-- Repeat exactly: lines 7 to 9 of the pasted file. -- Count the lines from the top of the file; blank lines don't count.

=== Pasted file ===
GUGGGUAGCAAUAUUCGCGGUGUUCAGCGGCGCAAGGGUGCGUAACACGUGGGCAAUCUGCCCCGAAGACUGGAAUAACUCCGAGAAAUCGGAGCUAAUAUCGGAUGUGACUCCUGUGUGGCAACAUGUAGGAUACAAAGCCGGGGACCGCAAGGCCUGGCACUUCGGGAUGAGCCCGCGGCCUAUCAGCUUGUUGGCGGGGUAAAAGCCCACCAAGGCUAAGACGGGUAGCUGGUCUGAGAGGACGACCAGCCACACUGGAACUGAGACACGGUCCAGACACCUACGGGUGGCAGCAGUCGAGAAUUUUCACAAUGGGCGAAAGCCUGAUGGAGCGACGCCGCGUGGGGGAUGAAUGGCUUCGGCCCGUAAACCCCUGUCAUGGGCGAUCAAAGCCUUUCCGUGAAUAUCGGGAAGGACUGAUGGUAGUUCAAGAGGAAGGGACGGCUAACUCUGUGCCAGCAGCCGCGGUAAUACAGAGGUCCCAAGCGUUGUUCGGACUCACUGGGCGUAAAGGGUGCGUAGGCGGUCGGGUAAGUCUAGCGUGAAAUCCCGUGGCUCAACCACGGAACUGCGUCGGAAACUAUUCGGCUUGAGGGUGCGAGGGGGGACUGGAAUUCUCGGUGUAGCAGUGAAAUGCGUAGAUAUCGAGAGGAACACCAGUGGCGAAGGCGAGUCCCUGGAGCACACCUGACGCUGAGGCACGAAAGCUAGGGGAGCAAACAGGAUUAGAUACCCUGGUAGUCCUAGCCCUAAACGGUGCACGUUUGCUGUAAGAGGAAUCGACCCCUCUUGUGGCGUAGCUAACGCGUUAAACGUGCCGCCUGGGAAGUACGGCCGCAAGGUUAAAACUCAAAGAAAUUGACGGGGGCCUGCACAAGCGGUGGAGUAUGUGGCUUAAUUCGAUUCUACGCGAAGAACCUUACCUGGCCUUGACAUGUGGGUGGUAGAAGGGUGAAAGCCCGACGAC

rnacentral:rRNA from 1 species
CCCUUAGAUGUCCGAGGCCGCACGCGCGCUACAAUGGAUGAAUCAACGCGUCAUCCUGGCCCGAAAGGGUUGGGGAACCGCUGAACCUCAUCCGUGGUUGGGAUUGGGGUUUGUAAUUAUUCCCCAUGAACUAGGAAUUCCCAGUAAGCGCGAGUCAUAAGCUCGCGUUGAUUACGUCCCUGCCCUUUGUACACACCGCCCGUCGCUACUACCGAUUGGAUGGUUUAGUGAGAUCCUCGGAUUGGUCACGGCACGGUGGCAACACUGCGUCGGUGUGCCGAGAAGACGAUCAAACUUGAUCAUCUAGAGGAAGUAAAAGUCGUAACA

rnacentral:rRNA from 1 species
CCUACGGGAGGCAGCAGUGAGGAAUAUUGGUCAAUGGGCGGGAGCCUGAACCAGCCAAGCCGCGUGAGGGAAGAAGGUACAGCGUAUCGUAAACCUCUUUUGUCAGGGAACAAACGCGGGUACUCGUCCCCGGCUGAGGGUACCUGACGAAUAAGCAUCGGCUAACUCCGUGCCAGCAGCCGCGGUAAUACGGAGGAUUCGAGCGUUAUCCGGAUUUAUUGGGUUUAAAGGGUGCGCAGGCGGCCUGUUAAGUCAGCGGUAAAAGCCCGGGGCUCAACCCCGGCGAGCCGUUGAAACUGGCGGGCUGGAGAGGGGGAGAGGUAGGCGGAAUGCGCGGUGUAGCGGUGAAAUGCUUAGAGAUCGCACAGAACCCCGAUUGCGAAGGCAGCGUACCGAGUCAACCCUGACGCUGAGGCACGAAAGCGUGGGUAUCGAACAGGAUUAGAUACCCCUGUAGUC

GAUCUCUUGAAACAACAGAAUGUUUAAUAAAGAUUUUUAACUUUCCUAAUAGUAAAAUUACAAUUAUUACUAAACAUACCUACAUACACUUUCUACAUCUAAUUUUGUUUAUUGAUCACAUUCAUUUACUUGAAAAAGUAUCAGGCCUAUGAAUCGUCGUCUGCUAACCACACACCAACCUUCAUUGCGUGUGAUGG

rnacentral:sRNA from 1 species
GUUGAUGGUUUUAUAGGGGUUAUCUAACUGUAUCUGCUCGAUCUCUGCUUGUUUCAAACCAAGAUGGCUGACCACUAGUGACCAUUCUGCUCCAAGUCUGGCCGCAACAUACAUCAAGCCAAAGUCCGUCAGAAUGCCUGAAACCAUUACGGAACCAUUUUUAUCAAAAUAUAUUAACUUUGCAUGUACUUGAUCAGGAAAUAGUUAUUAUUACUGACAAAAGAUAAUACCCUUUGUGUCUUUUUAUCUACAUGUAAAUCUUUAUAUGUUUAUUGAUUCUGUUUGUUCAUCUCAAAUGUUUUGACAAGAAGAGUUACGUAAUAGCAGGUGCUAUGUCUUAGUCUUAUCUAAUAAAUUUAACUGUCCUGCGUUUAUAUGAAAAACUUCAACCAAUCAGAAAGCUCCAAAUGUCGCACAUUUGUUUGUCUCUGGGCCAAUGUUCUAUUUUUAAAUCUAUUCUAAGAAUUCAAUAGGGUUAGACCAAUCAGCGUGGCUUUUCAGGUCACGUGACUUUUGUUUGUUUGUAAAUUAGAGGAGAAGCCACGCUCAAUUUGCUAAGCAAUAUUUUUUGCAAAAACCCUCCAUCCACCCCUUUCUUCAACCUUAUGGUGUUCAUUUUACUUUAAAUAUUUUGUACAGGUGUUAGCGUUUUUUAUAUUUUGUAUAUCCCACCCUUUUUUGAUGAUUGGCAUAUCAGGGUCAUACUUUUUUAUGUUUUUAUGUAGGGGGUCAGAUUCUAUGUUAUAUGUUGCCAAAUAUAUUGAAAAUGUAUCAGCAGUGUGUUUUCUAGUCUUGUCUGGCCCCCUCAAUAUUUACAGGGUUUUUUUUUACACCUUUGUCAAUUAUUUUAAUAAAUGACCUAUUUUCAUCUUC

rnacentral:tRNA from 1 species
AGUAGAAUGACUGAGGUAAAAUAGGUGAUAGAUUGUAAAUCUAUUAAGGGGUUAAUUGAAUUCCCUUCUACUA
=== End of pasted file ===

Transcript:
rnacentral:sRNA from 1 species
GUUGAUGGUUUUAUAGGGGUUAUCUAACUGUAUCUGCUCGAUCUCUGCUUGUUUCAAACCAAGAUGGCUGACCACUAGUGACCAUUCUGCUCCAAGUCUGGCCGCAACAUACAUCAAGCCAAAGUCCGUCAGAAUGCCUGAAACCAUUACGGAACCAUUUUUAUCAAAAUAUAUUAACUUUGCAUGUACUUGAUCAGGAAAUAGUUAUUAUUACUGACAAAAGAUAAUACCCUUUGUGUCUUUUUAUCUACAUGUAAAUCUUUAUAUGUUUAUUGAUUCUGUUUGUUCAUCUCAAAUGUUUUGACAAGAAGAGUUACGUAAUAGCAGGUGCUAUGUCUUAGUCUUAUCUAAUAAAUUUAACUGUCCUGCGUUUAUAUGAAAAACUUCAACCAAUCAGAAAGCUCCAAAUGUCGCACAUUUGUUUGUCUCUGGGCCAAUGUUCUAUUUUUAAAUCUAUUCUAAGAAUUCAAUAGGGUUAGACCAAUCAGCGUGGCUUUUCAGGUCACGUGACUUUUGUUUGUUUGUAAAUUAGAGGAGAAGCCACGCUCAAUUUGCUAAGCAAUAUUUUUUGCAAAAACCCUCCAUCCACCCCUUUCUUCAACCUUAUGGUGUUCAUUUUACUUUAAAUAUUUUGUACAGGUGUUAGCGUUUUUUAUAUUUUGUAUAUCCCACCCUUUUUUGAUGAUUGGCAUAUCAGGGUCAUACUUUUUUAUGUUUUUAUGUAGGGGGUCAGAUUCUAUGUUAUAUGUUGCCAAAUAUAUUGAAAAUGUAUCAGCAGUGUGUUUUCUAGUCUUGUCUGGCCCCCUCAAUAUUUACAGGGUUUUUUUUUACACCUUUGUCAAUUAUUUUAAUAAAUGACCUAUUUUCAUCUUC

rnacentral:tRNA from 1 species